Herefordshire and Worcestershire has a total of 80 GP practices. These practices have joined together into Primary Care Networks which consist of groups of general practices working together with a range of local providers, including across primary care, community services, social care and the voluntary sector, to offer more personalised, coordinated health and social care to their local populations.
Networks are based around populations of 30,000 to 50,000.
General Practice Teams
Your GP surgery is made up of a variety of clinicians and professionals who can help you access the treatment you need.
Care Navigators working in practice reception teams are trained to know what’s available to you at your surgery and in your area.
They’ll ask you about your health problem, and book you an appointment with the right professional or service.
Clinical Pharmacists are experts in medicines. They support those with conditions like asthma, diabetes and high blood pressure or anyone taking multiple medicines.
They work with GPs, pharmacies and hospitals to ensure that medicine services are joined up, and many can also prescribe medicines.
Physiotherapists in general practice are experts in musculoskeletal conditions.
They are able to assess, diagnose and treat a range of complex muscle and joint conditions to prevent you from having to go to hospital.
They can arrange access to further treatment, investigations and specialists when needed.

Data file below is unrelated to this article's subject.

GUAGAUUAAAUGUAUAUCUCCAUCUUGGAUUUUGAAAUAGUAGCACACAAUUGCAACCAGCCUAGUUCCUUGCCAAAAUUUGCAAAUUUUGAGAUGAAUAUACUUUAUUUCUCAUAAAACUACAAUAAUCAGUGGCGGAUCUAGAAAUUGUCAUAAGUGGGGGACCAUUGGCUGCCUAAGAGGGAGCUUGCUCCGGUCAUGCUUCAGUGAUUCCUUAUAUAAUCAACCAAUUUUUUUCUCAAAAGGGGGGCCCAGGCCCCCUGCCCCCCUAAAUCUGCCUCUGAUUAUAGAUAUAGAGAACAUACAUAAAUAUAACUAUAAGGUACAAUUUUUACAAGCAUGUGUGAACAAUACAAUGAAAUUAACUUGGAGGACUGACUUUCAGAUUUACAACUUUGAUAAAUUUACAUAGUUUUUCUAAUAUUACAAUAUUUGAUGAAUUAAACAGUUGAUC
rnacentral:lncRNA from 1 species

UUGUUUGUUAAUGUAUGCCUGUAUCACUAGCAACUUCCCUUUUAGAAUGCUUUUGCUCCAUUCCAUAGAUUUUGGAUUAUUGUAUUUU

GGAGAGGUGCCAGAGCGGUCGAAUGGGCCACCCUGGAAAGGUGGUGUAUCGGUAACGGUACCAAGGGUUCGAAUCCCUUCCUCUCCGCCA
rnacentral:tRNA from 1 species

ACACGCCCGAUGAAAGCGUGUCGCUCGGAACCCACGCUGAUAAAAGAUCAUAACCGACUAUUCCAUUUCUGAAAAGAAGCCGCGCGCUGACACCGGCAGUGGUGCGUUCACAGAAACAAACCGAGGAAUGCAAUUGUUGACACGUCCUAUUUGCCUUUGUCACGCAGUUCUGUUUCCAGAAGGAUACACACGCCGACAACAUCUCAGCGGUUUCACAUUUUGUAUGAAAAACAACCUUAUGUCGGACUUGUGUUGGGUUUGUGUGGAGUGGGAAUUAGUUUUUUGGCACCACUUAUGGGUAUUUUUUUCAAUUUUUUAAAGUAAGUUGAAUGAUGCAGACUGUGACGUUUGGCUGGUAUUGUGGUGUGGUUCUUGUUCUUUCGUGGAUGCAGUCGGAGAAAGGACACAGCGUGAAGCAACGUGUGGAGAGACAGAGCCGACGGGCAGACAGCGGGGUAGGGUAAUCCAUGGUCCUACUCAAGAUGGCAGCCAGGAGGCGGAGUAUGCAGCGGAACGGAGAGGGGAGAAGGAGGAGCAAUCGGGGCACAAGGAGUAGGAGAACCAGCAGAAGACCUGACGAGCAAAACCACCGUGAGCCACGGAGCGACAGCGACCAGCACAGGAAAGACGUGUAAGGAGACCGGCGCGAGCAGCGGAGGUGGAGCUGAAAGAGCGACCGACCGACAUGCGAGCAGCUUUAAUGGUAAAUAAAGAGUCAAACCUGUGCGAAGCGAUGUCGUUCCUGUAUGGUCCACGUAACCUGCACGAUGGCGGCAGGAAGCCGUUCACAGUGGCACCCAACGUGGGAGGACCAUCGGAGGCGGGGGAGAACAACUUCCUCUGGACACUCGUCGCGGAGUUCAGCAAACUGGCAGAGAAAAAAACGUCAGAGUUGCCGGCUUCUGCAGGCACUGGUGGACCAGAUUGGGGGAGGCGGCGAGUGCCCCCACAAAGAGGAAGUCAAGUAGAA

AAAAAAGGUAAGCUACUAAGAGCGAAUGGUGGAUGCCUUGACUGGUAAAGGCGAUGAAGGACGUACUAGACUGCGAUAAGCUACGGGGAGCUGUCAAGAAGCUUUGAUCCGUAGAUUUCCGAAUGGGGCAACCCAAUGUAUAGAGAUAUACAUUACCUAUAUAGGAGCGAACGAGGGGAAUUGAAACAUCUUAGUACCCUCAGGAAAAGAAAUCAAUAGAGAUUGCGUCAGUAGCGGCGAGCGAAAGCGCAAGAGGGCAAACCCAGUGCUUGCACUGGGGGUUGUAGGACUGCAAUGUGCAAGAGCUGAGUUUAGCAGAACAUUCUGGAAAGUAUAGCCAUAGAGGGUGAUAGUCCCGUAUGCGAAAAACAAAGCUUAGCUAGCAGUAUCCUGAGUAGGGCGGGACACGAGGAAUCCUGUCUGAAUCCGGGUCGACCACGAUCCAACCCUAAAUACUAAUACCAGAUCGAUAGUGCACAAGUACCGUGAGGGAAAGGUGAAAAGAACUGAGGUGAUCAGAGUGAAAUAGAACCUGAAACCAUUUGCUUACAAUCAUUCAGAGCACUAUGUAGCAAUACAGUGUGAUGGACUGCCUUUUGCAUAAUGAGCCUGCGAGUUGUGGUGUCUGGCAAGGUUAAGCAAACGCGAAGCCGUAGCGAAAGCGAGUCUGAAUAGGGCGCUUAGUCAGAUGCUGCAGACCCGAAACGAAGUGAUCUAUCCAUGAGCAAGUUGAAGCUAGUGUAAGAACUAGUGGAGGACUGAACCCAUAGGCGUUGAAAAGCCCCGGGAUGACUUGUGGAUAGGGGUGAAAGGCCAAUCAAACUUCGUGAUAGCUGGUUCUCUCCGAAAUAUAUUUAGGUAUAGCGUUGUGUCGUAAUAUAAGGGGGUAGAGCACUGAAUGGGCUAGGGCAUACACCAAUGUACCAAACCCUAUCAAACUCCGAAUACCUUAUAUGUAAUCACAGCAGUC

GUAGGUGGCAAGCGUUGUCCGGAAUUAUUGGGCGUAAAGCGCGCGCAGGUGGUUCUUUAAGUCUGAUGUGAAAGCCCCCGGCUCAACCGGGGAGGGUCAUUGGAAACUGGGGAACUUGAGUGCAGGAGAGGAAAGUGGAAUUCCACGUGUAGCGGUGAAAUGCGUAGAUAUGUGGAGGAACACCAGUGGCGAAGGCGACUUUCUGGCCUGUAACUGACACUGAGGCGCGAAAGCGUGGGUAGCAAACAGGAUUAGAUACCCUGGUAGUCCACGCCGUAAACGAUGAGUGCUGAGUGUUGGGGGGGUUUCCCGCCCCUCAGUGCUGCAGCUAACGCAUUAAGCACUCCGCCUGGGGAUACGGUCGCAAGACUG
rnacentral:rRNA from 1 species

Paramedics are used to working with people with a variety of health conditions from coughs and minor injuries to more serious conditions such as asthma and heart attacks.
They work alongside GPs and help manage routine or urgent appointments, telephone triage (assessment of urgency of illness or injury) and home visits.
Physician Associates are trained and qualified to diagnose and treat a wide range of health conditions.
They work alongside GPs to provide care to people, particularly those with long-term conditions who often benefit from being able to see the same healthcare professional.
Mental health practitioners in General Practice specialise in mental health and use a range of talking therapies to help people with common mental health conditions such as anxiety, depression or post-traumatic stress disorder.
Referral to a mental health practitioner can take place via your GP, or through the Healthy Minds self-referral service.
Social prescribing involves helping people to improve their health and wellbeing by connecting them to activities in the community.
Link Workers connect those feeling lonely, overwhelmed or in need of help to a range of local support, from community and activity groups to work, debt or housing advice.
Health Care Assistants work under the guidance of a nurse or another healthcare professional.
They help with routine health checks such as blood testing and blood pressure monitoring, dressings and stitch removal – as well as providing patients with general health and wellbeing advice.
Nurses undertake a range of roles and are involved in almost all aspects of a patient’s care.
As well as providing services such as wound care, immunisations and administration of medicines, they run health checks and clinics for those with long-term conditions such as asthma, heart disease and diabetes.
Advanced Clinical Practitioners come from a range of clinical backgrounds such as nursing, pharmacy, physiotherapy and paramedics.
They have the knowledge and skills to manage all aspects of patient care—including diagnosing and treating health conditions, ordering tests and interpreting results, and prescribing medication.
GPs oversee all aspects of patient care. They meet regularly with other members of the practice team to plan joint approaches to coordinate a patient’s care.
All other members of the practice team work under the supervision of a GP.
They can help with diagnosing and treating health conditions, prescribing medications, and referring you for other treatment if you need it.